Studying in Sri Lanka
The higher education system is similar to that in the UK, with first degrees, masters and doctorate-level qualifications on offer. It is overseen by the University Grants Commission (UGC) which monitors and maintains the standards of university education, allocation of funds to higher education institutions and the admission of students.
There are 15 state universities in Sri Lanka. The main ones are:
- University of Colombo
- University of Moratuwa
- University of Peradeniya
- University of Sri Jayawardhenapura
- University of Kelaniya
- University of Ruhuna
There are also various private universities and institutions. A full list which sets out how they compare in world rankings is available from the Ministry of Higher Education Sri Lanka.
Your best chances of being offered a place at a university in Sri Lanka are if you are on an exchange programme or your parents work in the country.
What courses can you study?
Postgraduate courses are available in business and management, computer science, IT, engineering, accounting and various others. They typically take one to five years to complete. Online study resources are available for many courses which help students prepare for the Sri Lankan examination system.
Some institutions based in the UK, USA and Australia have campuses in Sri Lanka and offer accredited courses, so it is possible to study for international qualifications in the country.
Courses are available in English. If this is not your first language you may need to provide evidence of your proficiency or take English language tests.
How do you apply for postgraduate study?
For a postgraduate course you would typically need a first degree. Mature students with substantial work experience are welcomed and will be considered for postgraduate or undergraduate study as appropriate.
Some institutions follow the old system of three academic terms while others are made up of two semesters. The academic year tends to start in September or October so you need to make sure you complete any applications well in advance of this. Check with individual institutions for specific deadline dates.
Information and application forms can be obtained directly from institutions or from the University Grants Commission (UGC). The documents that need to be submitted with any application include a letter confirming eligibility to study and copies of relevant educational certificates.
Fees and scholarships
Tuition fees have to be paid and vary between courses and institutions. Living costs and tuition fees are generally lower than those in the UK. Check with the individual institution for specific costs.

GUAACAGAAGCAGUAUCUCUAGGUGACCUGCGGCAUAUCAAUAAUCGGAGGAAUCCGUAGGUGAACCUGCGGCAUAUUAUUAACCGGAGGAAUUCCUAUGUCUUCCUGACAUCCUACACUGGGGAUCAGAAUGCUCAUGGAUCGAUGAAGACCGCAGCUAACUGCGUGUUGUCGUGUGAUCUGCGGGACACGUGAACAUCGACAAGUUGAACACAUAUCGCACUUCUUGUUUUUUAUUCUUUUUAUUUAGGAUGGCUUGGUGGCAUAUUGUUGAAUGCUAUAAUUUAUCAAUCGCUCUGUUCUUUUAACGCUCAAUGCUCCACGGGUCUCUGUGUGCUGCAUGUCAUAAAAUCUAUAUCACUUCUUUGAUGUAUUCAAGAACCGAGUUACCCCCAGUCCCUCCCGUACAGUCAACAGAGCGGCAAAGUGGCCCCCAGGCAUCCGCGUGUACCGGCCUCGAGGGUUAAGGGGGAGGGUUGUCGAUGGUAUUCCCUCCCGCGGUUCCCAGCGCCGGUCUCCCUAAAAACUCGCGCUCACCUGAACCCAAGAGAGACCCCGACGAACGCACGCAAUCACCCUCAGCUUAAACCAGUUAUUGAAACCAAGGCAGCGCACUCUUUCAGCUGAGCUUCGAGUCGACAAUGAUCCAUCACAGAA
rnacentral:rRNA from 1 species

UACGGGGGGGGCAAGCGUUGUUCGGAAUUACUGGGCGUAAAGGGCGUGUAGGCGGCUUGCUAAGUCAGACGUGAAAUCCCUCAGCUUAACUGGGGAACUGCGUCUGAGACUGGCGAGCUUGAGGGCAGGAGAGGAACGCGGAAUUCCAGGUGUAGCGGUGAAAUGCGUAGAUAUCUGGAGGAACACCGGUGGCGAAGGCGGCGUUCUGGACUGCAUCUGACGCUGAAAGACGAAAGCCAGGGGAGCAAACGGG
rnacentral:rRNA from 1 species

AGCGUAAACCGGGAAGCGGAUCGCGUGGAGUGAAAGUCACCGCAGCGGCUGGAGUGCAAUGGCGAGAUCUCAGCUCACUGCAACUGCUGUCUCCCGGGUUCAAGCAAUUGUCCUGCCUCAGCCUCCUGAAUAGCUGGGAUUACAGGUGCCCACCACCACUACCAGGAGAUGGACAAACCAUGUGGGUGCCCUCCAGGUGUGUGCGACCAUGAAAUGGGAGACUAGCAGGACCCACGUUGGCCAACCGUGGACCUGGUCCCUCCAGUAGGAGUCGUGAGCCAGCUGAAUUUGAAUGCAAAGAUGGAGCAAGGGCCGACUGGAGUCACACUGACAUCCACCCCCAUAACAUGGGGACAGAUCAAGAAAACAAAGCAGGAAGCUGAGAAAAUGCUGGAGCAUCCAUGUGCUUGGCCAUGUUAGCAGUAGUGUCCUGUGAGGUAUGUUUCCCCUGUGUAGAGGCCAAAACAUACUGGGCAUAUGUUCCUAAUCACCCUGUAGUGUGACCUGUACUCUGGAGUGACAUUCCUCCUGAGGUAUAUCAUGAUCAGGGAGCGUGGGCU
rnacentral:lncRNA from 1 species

A number of government scholarships are offered to international students in Sri Lanka. Applications need to be made through the Ministry of Higher Education, which can also provide further information. It is worth checking directly with institutions to see if they offer any scholarships or help with funding.
Are there any exchange programmes?
Demand for international qualifications continues to grow and a number of UK institutions are establishing courses run jointly with institutions in Sri Lanka. Contact individual universities to see if they have any connections with Sri Lanka.
Will your qualifications be recognised in the UK?
Check with the university or higher education institution where you are hoping to study to see if their qualification is recognised or has an equivalent in the UK.
Do you need a visa to study in Sri Lanka?
UK citizens need to have the correct visa to be able to study in Sri Lanka. You need to get this before travelling, as you can't convert a tourist visa into a student one once you're in the country.
You will need to apply for a residence visa under the student category through the Department of Immigration and Emigration in Sri Lanka once you have been accepted onto a course. Part of the documentation you need to provide will be a letter from the university.
Your visa will be valid for one year and can be extended annually if the length of your course is longer than this.
Written by AGCAS editors, November 2016